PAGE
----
MOONLIGHT MADNESS

Las Vegas is a 24-hour town, and opportunities for extra income are available around the clock. Whether brewing coffee at the break of dawn or working away the weekends, an increasing number of locals are two-timing their main jobs — with or without their employer’s blessing.

For some, the days of being a one-job man or woman are mostly gone, at least for now. An uncertain economic outlook and a statewide unemployment rate of more than 5 percent have made moonlighting look like an attractive option, said Brian Gordon, a principal with the research firm Applied Analysis.

“With the elevated levels of unemployment compared to two or three or four years ago, people are required to make ends meet, and many times that requires finding extra sources of income,” he said. “Fuel costs, elevated interest rates and mortgage costs have people seeking out job opportunities.”

The Nevada Department of Training and Rehabilitation doesn’t keep statistics on the numbers of Nevadans with more than one employer, said Jessie Bigley, a department researcher. The department only records which employer is the subject of a claim for benefits.

Often short of sleep and feeling tired after a 52-hour work week, Raechel Kelso says the slowing economy has given her pause about quitting her second, part-time job. Although she’d likely be able to survive solely on the income from her 40-hour-a-week position at Tilly’s, a retail store, the 26-year-old isn’t giving up her part-time gig at Starbucks Coffee. She also sells vintage clothes online in what she calls “an investment” in the future.

Kelso is keeping an eye out for where the next job cuts may come from.

“I would think that if they would make cuts, my position would be the first to go,” she said of her in-store display job at Tilly’s. The Starbucks job has been her off-and-on standby for more than three years.

Kelso is not alone in being prudent about hanging on to extra sources of income. Workers are scared that second jobs won’t be easily replaced if they let go of them. Recent University of Nevada, Las Vegas graduate Fiona Chapman said a combination of love for her work and existing college debts drove her decision to keep her second job.

Chapman works as a weekend hostess at the restaurant Olivia’s Doll House and Tea Room and as a receptionist Monday through Friday at the WestCare treatment center.

Her primary employer doesn’t have a problem with Chapman keeping her weekend position as a hostess for children’s tea parties. Occasionally the jobs overlap, but she has juggled it so far.

“When we did the interview, I just informed WestCare that I couldn’t work weekends, and they said. ‘Oh, that’s fine. We just need you Monday through Friday,’ ” Chapman said.

Not all employers take the news of employees moonlighting so well. Doug Beckley, a business consultant and head of the Beckley Group, said companies may authorize their workers to moonlight but prefer they didn’t.

“My experience is from the employer’s standpoint, and that’s that they don’t like it,” he said. “Some have policies that don’t allow it, while others tolerate it.”

Even the best-coordinated work schedules can conflict with each other, Beckley said.

And, an employer may not know of the other job, since many workers hide their moonlighting.

The bags under the employee’s eyes may give them away, however.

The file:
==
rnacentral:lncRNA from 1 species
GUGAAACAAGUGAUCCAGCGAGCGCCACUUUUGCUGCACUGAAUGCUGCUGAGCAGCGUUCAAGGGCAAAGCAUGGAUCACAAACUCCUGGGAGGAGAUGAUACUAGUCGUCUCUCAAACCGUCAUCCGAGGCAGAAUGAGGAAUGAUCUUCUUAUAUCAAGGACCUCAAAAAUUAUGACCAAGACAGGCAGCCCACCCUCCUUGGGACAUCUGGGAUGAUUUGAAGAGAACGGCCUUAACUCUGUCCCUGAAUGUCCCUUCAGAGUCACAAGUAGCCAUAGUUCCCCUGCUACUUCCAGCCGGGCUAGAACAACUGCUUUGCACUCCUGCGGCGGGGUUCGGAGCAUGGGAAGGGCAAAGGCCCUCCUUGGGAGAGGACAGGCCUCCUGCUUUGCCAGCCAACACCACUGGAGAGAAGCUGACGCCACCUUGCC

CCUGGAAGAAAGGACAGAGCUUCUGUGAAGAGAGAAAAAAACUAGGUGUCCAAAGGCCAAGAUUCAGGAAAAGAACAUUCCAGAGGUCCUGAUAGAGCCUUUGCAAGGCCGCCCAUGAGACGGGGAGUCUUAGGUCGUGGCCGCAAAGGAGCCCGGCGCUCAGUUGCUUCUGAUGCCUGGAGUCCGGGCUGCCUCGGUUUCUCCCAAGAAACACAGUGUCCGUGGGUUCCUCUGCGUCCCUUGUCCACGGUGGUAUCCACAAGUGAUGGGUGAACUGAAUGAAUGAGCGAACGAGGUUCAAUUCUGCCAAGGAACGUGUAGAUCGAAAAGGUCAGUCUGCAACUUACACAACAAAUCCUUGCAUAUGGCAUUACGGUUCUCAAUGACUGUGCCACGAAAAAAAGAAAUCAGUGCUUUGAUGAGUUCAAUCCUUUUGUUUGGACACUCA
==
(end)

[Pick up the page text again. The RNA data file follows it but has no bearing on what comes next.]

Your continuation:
“They are tired and don’t have time to sleep,” he said. “They don’t have their focus on their primary job, and they are just putting in the hours.”

Companies can go beyond simply forbidding their workers from taking extra part-time employment. Offers of better pay and more hours may reduce the need for outside ventures, Beckley added.

The need to make ends meet isn’t the only reason people seek second jobs. Some say they are laying the groundwork for their next career moves, while others have found a passion they can’t give up.

“If I had more money, I’d still work there,” Chapman said of Olivia’s.

Even people in the better-paid professions find that spare time equals opportunities for more income.

Chippendales dancer Brian Chan said he’s compensated well enough to live off his show income alone. The male revue pays in the range of other productions on the Strip — $1,300 to $1,500 a week.

But the dancer and singer knew the real estate market was hot when he moved here 31/2 years ago, and his 16 hours of shows a week leave him with time to pursue other opportunities. His jobs are now intertwined.

“Seventy-five percent of my business comes from contacts I made at Chippendales,” Chan said.

The lucrative real estate side venture now nets the dancer a “six-figure annual income,” he added.

Fellow Chippendales dancer Juan DeAngelo works at Elements salon by day as a hairstylist.

Cutting hair is something he has done his whole life. And his passion had a basic motivation.

“I’ve always been fond of the female form, and I thought, ‘If I got into cosmetology, I will be around all these girls,'” he said.

A personal passion drives Mikael Whitlock to take on numerous occupations. The clinical nutritionist and kickboxing instructor uses his radio show at KLAV-AM (1230) to promote his health practice. He lost family members prematurely to medical problems and hopes to prevent them in others.

“It’s a basic knowledge of how to protect their health,” he said. “And training others in kickboxing helps me keep in shape.”

The rest of the time, Whitlock preaches the gospel as a pastor.

“I try to get six hours of sleep a night,” he said.

This story first appeared in the Business Press. Contact Valerie Miller at vmiller@lvbusinesspress.com or 702-387-5286

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